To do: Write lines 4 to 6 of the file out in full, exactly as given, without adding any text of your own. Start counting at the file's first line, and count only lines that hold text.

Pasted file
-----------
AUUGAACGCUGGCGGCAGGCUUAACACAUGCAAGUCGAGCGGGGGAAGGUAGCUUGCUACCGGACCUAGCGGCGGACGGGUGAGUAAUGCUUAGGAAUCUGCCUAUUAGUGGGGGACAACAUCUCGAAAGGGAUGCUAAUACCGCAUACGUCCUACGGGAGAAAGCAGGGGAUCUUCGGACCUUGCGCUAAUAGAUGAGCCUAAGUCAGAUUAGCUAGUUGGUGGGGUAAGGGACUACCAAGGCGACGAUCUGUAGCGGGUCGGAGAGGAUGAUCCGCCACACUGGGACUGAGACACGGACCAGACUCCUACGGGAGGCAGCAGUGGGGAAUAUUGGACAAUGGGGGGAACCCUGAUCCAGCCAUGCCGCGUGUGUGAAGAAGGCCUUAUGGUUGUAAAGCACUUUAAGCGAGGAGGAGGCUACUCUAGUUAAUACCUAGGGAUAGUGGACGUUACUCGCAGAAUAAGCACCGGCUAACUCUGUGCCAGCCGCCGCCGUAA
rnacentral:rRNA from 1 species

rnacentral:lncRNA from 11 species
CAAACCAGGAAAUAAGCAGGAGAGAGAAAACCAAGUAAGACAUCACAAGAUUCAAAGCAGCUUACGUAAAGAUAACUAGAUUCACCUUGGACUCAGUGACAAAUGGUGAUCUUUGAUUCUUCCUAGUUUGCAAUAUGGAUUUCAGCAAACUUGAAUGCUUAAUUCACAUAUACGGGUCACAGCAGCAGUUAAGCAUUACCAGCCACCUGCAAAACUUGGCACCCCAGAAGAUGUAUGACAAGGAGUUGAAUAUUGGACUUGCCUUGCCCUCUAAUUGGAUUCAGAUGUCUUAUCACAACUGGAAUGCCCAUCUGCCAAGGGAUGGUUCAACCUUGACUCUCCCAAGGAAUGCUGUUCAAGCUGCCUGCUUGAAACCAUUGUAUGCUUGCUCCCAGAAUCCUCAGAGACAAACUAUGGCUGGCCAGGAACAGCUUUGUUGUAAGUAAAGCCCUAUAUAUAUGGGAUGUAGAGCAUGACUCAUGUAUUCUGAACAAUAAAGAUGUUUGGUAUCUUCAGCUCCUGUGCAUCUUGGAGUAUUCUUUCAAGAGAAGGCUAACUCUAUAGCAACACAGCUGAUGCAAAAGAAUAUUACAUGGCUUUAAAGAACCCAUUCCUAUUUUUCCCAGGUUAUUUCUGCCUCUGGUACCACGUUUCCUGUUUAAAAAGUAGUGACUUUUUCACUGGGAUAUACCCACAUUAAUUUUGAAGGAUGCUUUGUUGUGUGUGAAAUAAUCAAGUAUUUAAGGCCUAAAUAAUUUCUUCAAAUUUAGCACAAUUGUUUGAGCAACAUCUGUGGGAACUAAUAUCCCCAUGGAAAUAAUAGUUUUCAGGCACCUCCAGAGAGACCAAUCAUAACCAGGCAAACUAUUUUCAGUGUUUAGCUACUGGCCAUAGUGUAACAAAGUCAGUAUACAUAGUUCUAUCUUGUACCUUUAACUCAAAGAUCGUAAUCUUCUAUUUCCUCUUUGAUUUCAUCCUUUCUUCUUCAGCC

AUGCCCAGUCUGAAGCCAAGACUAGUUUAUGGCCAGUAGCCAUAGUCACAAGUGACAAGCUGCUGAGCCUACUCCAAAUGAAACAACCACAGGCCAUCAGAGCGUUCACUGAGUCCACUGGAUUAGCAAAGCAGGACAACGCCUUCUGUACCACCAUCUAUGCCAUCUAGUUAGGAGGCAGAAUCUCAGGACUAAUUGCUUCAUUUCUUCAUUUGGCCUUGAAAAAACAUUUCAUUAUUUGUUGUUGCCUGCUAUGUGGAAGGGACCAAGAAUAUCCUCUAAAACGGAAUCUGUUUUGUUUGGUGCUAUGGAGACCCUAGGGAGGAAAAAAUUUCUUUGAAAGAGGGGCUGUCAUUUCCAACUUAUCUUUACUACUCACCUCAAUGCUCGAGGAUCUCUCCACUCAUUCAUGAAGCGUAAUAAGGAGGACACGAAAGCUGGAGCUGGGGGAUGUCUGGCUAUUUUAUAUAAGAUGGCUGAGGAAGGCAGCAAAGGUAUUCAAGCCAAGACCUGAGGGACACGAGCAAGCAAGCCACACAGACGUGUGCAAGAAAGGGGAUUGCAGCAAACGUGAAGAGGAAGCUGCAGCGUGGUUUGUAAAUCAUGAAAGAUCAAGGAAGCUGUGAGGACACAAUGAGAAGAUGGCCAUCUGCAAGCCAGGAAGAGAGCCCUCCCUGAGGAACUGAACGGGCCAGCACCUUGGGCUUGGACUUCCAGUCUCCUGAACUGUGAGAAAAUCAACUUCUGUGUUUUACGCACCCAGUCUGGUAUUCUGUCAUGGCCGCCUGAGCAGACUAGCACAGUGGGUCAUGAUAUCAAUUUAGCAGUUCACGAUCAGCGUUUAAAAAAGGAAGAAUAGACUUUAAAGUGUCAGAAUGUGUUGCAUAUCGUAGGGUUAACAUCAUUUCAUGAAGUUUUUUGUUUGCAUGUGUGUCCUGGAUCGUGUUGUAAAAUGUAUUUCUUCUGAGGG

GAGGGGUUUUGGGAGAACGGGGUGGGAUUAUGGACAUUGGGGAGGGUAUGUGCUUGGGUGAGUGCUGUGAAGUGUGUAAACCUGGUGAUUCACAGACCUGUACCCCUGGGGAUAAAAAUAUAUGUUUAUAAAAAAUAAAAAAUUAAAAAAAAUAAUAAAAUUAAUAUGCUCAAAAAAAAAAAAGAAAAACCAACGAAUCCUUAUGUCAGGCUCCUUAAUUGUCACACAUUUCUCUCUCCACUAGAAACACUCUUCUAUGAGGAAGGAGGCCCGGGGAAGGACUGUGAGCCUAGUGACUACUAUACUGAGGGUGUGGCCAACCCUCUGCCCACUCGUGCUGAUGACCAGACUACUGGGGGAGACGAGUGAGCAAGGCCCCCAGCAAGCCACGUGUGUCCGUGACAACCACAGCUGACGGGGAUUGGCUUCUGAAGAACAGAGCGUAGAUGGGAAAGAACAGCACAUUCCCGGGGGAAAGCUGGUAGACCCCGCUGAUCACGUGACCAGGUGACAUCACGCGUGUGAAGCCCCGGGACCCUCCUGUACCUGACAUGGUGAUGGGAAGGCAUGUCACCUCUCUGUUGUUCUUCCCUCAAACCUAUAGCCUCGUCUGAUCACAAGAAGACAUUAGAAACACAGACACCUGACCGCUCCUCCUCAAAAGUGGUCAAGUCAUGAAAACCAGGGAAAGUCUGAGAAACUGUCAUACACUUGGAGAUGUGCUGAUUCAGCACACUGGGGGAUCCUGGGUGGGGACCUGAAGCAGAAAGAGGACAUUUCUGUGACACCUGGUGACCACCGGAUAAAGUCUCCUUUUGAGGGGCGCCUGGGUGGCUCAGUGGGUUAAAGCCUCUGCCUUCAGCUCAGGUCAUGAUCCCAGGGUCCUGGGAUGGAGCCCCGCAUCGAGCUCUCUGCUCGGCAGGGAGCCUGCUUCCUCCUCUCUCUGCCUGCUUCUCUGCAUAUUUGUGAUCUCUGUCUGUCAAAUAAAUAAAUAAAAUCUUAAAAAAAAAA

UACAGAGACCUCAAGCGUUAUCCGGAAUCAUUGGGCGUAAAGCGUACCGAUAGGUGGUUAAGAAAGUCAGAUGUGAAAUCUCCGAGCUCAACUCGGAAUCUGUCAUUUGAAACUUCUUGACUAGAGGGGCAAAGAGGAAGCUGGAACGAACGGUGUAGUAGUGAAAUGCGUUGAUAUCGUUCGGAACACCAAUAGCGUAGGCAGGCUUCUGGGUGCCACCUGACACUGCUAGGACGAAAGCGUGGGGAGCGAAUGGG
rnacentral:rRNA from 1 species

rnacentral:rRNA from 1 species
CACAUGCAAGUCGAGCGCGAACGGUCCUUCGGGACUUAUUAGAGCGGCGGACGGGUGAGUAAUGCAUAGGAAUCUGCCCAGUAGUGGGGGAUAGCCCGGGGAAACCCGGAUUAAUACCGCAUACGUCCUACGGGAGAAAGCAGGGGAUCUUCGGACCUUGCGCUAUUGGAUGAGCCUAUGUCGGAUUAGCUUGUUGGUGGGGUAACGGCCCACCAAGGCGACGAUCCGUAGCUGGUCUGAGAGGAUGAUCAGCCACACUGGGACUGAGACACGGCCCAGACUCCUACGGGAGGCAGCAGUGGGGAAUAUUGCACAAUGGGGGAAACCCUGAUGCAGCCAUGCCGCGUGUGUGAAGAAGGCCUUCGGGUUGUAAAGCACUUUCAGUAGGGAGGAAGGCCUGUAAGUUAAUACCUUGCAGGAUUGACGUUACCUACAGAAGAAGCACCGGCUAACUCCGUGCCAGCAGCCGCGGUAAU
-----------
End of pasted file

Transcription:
CAAACCAGGAAAUAAGCAGGAGAGAGAAAACCAAGUAAGACAUCACAAGAUUCAAAGCAGCUUACGUAAAGAUAACUAGAUUCACCUUGGACUCAGUGACAAAUGGUGAUCUUUGAUUCUUCCUAGUUUGCAAUAUGGAUUUCAGCAAACUUGAAUGCUUAAUUCACAUAUACGGGUCACAGCAGCAGUUAAGCAUUACCAGCCACCUGCAAAACUUGGCACCCCAGAAGAUGUAUGACAAGGAGUUGAAUAUUGGACUUGCCUUGCCCUCUAAUUGGAUUCAGAUGUCUUAUCACAACUGGAAUGCCCAUCUGCCAAGGGAUGGUUCAACCUUGACUCUCCCAAGGAAUGCUGUUCAAGCUGCCUGCUUGAAACCAUUGUAUGCUUGCUCCCAGAAUCCUCAGAGACAAACUAUGGCUGGCCAGGAACAGCUUUGUUGUAAGUAAAGCCCUAUAUAUAUGGGAUGUAGAGCAUGACUCAUGUAUUCUGAACAAUAAAGAUGUUUGGUAUCUUCAGCUCCUGUGCAUCUUGGAGUAUUCUUUCAAGAGAAGGCUAACUCUAUAGCAACACAGCUGAUGCAAAAGAAUAUUACAUGGCUUUAAAGAACCCAUUCCUAUUUUUCCCAGGUUAUUUCUGCCUCUGGUACCACGUUUCCUGUUUAAAAAGUAGUGACUUUUUCACUGGGAUAUACCCACAUUAAUUUUGAAGGAUGCUUUGUUGUGUGUGAAAUAAUCAAGUAUUUAAGGCCUAAAUAAUUUCUUCAAAUUUAGCACAAUUGUUUGAGCAACAUCUGUGGGAACUAAUAUCCCCAUGGAAAUAAUAGUUUUCAGGCACCUCCAGAGAGACCAAUCAUAACCAGGCAAACUAUUUUCAGUGUUUAGCUACUGGCCAUAGUGUAACAAAGUCAGUAUACAUAGUUCUAUCUUGUACCUUUAACUCAAAGAUCGUAAUCUUCUAUUUCCUCUUUGAUUUCAUCCUUUCUUCUUCAGCC

AUGCCCAGUCUGAAGCCAAGACUAGUUUAUGGCCAGUAGCCAUAGUCACAAGUGACAAGCUGCUGAGCCUACUCCAAAUGAAACAACCACAGGCCAUCAGAGCGUUCACUGAGUCCACUGGAUUAGCAAAGCAGGACAACGCCUUCUGUACCACCAUCUAUGCCAUCUAGUUAGGAGGCAGAAUCUCAGGACUAAUUGCUUCAUUUCUUCAUUUGGCCUUGAAAAAACAUUUCAUUAUUUGUUGUUGCCUGCUAUGUGGAAGGGACCAAGAAUAUCCUCUAAAACGGAAUCUGUUUUGUUUGGUGCUAUGGAGACCCUAGGGAGGAAAAAAUUUCUUUGAAAGAGGGGCUGUCAUUUCCAACUUAUCUUUACUACUCACCUCAAUGCUCGAGGAUCUCUCCACUCAUUCAUGAAGCGUAAUAAGGAGGACACGAAAGCUGGAGCUGGGGGAUGUCUGGCUAUUUUAUAUAAGAUGGCUGAGGAAGGCAGCAAAGGUAUUCAAGCCAAGACCUGAGGGACACGAGCAAGCAAGCCACACAGACGUGUGCAAGAAAGGGGAUUGCAGCAAACGUGAAGAGGAAGCUGCAGCGUGGUUUGUAAAUCAUGAAAGAUCAAGGAAGCUGUGAGGACACAAUGAGAAGAUGGCCAUCUGCAAGCCAGGAAGAGAGCCCUCCCUGAGGAACUGAACGGGCCAGCACCUUGGGCUUGGACUUCCAGUCUCCUGAACUGUGAGAAAAUCAACUUCUGUGUUUUACGCACCCAGUCUGGUAUUCUGUCAUGGCCGCCUGAGCAGACUAGCACAGUGGGUCAUGAUAUCAAUUUAGCAGUUCACGAUCAGCGUUUAAAAAAGGAAGAAUAGACUUUAAAGUGUCAGAAUGUGUUGCAUAUCGUAGGGUUAACAUCAUUUCAUGAAGUUUUUUGUUUGCAUGUGUGUCCUGGAUCGUGUUGUAAAAUGUAUUUCUUCUGAGGG

GAGGGGUUUUGGGAGAACGGGGUGGGAUUAUGGACAUUGGGGAGGGUAUGUGCUUGGGUGAGUGCUGUGAAGUGUGUAAACCUGGUGAUUCACAGACCUGUACCCCUGGGGAUAAAAAUAUAUGUUUAUAAAAAAUAAAAAAUUAAAAAAAAUAAUAAAAUUAAUAUGCUCAAAAAAAAAAAAGAAAAACCAACGAAUCCUUAUGUCAGGCUCCUUAAUUGUCACACAUUUCUCUCUCCACUAGAAACACUCUUCUAUGAGGAAGGAGGCCCGGGGAAGGACUGUGAGCCUAGUGACUACUAUACUGAGGGUGUGGCCAACCCUCUGCCCACUCGUGCUGAUGACCAGACUACUGGGGGAGACGAGUGAGCAAGGCCCCCAGCAAGCCACGUGUGUCCGUGACAACCACAGCUGACGGGGAUUGGCUUCUGAAGAACAGAGCGUAGAUGGGAAAGAACAGCACAUUCCCGGGGGAAAGCUGGUAGACCCCGCUGAUCACGUGACCAGGUGACAUCACGCGUGUGAAGCCCCGGGACCCUCCUGUACCUGACAUGGUGAUGGGAAGGCAUGUCACCUCUCUGUUGUUCUUCCCUCAAACCUAUAGCCUCGUCUGAUCACAAGAAGACAUUAGAAACACAGACACCUGACCGCUCCUCCUCAAAAGUGGUCAAGUCAUGAAAACCAGGGAAAGUCUGAGAAACUGUCAUACACUUGGAGAUGUGCUGAUUCAGCACACUGGGGGAUCCUGGGUGGGGACCUGAAGCAGAAAGAGGACAUUUCUGUGACACCUGGUGACCACCGGAUAAAGUCUCCUUUUGAGGGGCGCCUGGGUGGCUCAGUGGGUUAAAGCCUCUGCCUUCAGCUCAGGUCAUGAUCCCAGGGUCCUGGGAUGGAGCCCCGCAUCGAGCUCUCUGCUCGGCAGGGAGCCUGCUUCCUCCUCUCUCUGCCUGCUUCUCUGCAUAUUUGUGAUCUCUGUCUGUCAAAUAAAUAAAUAAAAUCUUAAAAAAAAAA